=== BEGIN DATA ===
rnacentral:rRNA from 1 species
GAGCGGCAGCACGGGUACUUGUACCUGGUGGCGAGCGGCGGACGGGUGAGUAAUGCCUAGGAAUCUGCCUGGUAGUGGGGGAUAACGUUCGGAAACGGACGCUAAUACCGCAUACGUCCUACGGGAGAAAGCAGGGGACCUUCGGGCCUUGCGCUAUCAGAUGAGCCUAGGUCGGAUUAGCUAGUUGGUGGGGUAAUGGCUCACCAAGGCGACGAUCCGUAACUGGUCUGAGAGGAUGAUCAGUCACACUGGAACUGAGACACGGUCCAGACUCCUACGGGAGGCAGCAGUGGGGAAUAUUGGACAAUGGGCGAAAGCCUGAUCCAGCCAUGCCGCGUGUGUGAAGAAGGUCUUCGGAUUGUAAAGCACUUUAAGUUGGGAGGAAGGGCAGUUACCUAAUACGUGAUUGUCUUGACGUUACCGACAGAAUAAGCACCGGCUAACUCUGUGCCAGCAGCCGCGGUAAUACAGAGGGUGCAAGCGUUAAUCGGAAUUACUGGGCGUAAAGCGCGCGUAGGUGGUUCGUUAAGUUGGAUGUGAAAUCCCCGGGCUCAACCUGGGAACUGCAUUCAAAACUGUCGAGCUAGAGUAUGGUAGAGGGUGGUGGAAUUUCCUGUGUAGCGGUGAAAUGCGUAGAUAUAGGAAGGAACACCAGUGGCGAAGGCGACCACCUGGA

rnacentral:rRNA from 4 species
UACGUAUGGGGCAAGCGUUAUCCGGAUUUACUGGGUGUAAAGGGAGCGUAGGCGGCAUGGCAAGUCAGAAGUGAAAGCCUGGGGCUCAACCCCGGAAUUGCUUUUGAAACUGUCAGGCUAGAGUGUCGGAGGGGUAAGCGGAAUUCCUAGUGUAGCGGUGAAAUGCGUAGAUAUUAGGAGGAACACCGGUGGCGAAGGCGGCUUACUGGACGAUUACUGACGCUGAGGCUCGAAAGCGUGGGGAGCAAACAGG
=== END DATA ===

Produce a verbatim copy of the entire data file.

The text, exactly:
rnacentral:rRNA from 1 species
GAGCGGCAGCACGGGUACUUGUACCUGGUGGCGAGCGGCGGACGGGUGAGUAAUGCCUAGGAAUCUGCCUGGUAGUGGGGGAUAACGUUCGGAAACGGACGCUAAUACCGCAUACGUCCUACGGGAGAAAGCAGGGGACCUUCGGGCCUUGCGCUAUCAGAUGAGCCUAGGUCGGAUUAGCUAGUUGGUGGGGUAAUGGCUCACCAAGGCGACGAUCCGUAACUGGUCUGAGAGGAUGAUCAGUCACACUGGAACUGAGACACGGUCCAGACUCCUACGGGAGGCAGCAGUGGGGAAUAUUGGACAAUGGGCGAAAGCCUGAUCCAGCCAUGCCGCGUGUGUGAAGAAGGUCUUCGGAUUGUAAAGCACUUUAAGUUGGGAGGAAGGGCAGUUACCUAAUACGUGAUUGUCUUGACGUUACCGACAGAAUAAGCACCGGCUAACUCUGUGCCAGCAGCCGCGGUAAUACAGAGGGUGCAAGCGUUAAUCGGAAUUACUGGGCGUAAAGCGCGCGUAGGUGGUUCGUUAAGUUGGAUGUGAAAUCCCCGGGCUCAACCUGGGAACUGCAUUCAAAACUGUCGAGCUAGAGUAUGGUAGAGGGUGGUGGAAUUUCCUGUGUAGCGGUGAAAUGCGUAGAUAUAGGAAGGAACACCAGUGGCGAAGGCGACCACCUGGA

rnacentral:rRNA from 4 species
UACGUAUGGGGCAAGCGUUAUCCGGAUUUACUGGGUGUAAAGGGAGCGUAGGCGGCAUGGCAAGUCAGAAGUGAAAGCCUGGGGCUCAACCCCGGAAUUGCUUUUGAAACUGUCAGGCUAGAGUGUCGGAGGGGUAAGCGGAAUUCCUAGUGUAGCGGUGAAAUGCGUAGAUAUUAGGAGGAACACCGGUGGCGAAGGCGGCUUACUGGACGAUUACUGACGCUGAGGCUCGAAAGCGUGGGGAGCAAACAGG